If a plant is shaded by another, it becomes cut off from essential sunlight it needs to survive. Their sensors can detect depletion of red and blue light (wavelengths absorbed by vegetation) to distinguish between an aggressive nearby plant from a passing cloud.
Scientists have found a way by which plants assess the quality of shade to outgrow menacing neighbours, a finding that could be used to improve the productivity of crops.
The finding could help researchers learn how to modify plant genes to optimise growth to, for example, coerce soy or tomato crops grow more aggressively and give a greater yield even in a crowded, shady field.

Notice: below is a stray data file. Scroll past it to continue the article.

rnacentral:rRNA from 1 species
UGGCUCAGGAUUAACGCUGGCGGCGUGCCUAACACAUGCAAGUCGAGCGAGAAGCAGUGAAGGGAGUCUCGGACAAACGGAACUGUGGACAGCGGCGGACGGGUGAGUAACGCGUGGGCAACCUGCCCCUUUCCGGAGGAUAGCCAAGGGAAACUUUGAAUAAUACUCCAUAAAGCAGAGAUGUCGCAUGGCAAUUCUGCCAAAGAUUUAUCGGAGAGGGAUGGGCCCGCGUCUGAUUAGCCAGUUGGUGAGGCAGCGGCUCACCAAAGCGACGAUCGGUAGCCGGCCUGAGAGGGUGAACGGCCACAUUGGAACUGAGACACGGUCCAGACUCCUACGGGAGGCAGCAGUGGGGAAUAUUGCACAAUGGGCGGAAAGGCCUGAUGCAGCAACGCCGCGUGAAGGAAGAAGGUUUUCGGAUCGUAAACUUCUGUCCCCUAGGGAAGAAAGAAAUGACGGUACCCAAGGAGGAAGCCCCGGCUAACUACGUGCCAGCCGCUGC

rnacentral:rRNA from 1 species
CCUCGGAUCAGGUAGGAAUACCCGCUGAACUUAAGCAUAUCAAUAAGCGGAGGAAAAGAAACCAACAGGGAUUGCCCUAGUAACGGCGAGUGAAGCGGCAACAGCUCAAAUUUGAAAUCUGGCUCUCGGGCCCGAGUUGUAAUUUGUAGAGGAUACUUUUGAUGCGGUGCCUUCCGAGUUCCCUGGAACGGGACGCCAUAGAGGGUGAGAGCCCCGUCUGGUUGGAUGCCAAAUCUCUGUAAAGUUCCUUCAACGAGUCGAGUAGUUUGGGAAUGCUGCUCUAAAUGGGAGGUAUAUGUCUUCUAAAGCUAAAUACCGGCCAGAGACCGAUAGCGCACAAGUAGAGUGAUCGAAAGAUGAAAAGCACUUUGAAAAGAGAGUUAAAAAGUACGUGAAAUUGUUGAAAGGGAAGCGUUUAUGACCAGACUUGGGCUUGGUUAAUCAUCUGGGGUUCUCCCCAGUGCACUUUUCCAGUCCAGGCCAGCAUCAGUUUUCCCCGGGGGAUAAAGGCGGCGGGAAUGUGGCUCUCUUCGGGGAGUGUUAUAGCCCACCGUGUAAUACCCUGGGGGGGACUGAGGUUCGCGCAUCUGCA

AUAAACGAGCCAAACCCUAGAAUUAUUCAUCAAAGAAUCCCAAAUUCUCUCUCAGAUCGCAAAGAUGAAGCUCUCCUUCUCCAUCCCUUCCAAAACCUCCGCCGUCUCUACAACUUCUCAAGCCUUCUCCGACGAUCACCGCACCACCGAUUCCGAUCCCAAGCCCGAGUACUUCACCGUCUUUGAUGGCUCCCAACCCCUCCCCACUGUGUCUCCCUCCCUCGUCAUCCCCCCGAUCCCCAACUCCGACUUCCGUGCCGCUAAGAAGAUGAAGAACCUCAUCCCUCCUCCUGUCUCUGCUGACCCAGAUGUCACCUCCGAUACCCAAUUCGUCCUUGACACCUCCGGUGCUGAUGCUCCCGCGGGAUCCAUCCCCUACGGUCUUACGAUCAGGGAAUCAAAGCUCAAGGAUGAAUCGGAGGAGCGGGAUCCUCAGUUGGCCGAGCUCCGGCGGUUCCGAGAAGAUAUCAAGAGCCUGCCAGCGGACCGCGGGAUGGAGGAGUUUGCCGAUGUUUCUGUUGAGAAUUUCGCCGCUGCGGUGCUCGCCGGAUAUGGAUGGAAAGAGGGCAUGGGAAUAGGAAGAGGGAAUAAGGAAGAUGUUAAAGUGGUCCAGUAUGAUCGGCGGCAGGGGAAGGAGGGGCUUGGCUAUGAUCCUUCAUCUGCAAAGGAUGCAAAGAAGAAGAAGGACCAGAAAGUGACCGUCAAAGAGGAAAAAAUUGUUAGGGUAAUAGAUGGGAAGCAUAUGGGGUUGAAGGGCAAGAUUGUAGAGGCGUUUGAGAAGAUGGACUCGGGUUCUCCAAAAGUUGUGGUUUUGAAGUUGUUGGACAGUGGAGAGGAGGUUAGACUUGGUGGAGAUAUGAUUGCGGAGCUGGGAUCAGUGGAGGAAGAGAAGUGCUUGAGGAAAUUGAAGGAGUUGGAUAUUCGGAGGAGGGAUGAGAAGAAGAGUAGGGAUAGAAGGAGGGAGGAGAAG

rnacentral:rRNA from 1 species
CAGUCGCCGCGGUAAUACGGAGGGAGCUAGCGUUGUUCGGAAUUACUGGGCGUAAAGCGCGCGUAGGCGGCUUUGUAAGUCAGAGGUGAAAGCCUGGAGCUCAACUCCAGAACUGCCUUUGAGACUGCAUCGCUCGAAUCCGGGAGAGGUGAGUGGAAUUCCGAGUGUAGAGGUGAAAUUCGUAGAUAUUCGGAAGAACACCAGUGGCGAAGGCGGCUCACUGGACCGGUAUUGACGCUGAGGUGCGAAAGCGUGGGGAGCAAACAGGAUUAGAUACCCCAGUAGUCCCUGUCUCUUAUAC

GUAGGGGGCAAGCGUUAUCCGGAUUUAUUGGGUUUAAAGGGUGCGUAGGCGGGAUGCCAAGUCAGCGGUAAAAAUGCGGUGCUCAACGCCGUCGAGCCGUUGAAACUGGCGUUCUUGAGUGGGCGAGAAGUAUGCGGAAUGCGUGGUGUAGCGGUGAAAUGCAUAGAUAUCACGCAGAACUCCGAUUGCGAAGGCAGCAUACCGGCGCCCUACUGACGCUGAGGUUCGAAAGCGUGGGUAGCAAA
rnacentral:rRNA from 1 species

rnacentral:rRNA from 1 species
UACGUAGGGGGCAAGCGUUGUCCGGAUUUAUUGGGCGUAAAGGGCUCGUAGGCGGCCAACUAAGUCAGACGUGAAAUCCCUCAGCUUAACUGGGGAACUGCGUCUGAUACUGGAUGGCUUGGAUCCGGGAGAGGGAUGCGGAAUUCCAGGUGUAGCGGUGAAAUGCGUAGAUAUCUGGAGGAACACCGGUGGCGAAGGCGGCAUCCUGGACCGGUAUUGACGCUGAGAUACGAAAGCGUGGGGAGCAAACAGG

The researchers compared the responses of the mutant and normal plants in the varying blue light conditions by monitoring the growth rate of the stems and looking at contacts between cryptochromes, PIFs and chromosomes.
"We found that cryptochromes contact these transcription factors on DNA, activating genes completely different than what other photoreceptors activate," said first author Ullas Pedmale, a Salk research associate.
The study was published in the journal Cell.


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